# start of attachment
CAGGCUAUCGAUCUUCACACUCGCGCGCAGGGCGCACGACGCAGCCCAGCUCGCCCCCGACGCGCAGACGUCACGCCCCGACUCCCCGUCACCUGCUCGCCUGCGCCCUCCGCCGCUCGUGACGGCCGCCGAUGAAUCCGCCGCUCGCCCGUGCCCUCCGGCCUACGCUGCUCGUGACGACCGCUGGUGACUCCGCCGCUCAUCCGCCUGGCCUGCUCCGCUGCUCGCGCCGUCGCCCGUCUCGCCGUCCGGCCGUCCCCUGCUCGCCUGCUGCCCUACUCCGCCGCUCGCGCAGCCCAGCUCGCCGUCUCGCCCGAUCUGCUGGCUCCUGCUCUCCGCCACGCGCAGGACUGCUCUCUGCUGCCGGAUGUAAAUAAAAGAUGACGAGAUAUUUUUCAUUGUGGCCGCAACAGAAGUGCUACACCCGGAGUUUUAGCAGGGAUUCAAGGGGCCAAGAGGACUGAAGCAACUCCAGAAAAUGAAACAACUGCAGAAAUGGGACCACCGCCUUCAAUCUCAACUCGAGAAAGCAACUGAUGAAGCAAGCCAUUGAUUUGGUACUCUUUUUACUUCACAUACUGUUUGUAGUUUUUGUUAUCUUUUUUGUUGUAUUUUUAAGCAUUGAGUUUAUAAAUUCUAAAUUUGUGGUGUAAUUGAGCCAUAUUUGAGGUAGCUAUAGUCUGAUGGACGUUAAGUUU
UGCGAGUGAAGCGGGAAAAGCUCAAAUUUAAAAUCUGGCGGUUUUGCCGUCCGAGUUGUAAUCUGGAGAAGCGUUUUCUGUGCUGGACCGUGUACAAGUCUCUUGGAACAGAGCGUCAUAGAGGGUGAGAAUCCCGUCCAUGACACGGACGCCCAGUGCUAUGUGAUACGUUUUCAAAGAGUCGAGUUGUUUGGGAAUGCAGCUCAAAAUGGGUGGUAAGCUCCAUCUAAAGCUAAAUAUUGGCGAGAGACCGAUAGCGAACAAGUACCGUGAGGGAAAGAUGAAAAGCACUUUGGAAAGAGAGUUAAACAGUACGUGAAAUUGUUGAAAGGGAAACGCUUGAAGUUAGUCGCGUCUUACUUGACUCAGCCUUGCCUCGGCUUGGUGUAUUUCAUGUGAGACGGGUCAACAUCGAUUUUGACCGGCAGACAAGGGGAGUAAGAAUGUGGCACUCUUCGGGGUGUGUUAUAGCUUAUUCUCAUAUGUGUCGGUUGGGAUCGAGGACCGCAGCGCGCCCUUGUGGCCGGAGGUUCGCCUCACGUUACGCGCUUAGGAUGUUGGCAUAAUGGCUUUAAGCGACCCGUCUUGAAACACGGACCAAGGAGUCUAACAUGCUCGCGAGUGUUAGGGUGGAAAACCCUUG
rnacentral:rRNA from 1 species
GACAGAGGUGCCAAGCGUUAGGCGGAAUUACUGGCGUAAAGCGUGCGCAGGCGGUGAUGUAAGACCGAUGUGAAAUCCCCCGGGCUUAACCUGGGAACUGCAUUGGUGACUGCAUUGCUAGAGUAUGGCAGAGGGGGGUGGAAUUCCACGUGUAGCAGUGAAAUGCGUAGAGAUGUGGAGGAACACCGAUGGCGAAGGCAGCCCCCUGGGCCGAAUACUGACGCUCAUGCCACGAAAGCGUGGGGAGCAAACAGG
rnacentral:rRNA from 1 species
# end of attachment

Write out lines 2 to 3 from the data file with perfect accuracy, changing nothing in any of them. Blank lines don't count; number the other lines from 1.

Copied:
UGCGAGUGAAGCGGGAAAAGCUCAAAUUUAAAAUCUGGCGGUUUUGCCGUCCGAGUUGUAAUCUGGAGAAGCGUUUUCUGUGCUGGACCGUGUACAAGUCUCUUGGAACAGAGCGUCAUAGAGGGUGAGAAUCCCGUCCAUGACACGGACGCCCAGUGCUAUGUGAUACGUUUUCAAAGAGUCGAGUUGUUUGGGAAUGCAGCUCAAAAUGGGUGGUAAGCUCCAUCUAAAGCUAAAUAUUGGCGAGAGACCGAUAGCGAACAAGUACCGUGAGGGAAAGAUGAAAAGCACUUUGGAAAGAGAGUUAAACAGUACGUGAAAUUGUUGAAAGGGAAACGCUUGAAGUUAGUCGCGUCUUACUUGACUCAGCCUUGCCUCGGCUUGGUGUAUUUCAUGUGAGACGGGUCAACAUCGAUUUUGACCGGCAGACAAGGGGAGUAAGAAUGUGGCACUCUUCGGGGUGUGUUAUAGCUUAUUCUCAUAUGUGUCGGUUGGGAUCGAGGACCGCAGCGCGCCCUUGUGGCCGGAGGUUCGCCUCACGUUACGCGCUUAGGAUGUUGGCAUAAUGGCUUUAAGCGACCCGUCUUGAAACACGGACCAAGGAGUCUAACAUGCUCGCGAGUGUUAGGGUGGAAAACCCUUG
rnacentral:rRNA from 1 species